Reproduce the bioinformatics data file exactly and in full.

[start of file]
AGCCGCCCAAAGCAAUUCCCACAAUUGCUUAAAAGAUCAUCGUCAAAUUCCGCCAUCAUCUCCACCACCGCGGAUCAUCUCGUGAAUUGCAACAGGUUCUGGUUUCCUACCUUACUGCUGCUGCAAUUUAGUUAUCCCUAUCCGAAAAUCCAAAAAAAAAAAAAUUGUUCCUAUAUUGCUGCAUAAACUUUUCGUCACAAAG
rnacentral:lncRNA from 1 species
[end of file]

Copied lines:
AGCCGCCCAAAGCAAUUCCCACAAUUGCUUAAAAGAUCAUCGUCAAAUUCCGCCAUCAUCUCCACCACCGCGGAUCAUCUCGUGAAUUGCAACAGGUUCUGGUUUCCUACCUUACUGCUGCUGCAAUUUAGUUAUCCCUAUCCGAAAAUCCAAAAAAAAAAAAAUUGUUCCUAUAUUGCUGCAUAAACUUUUCGUCACAAAG
rnacentral:lncRNA from 1 species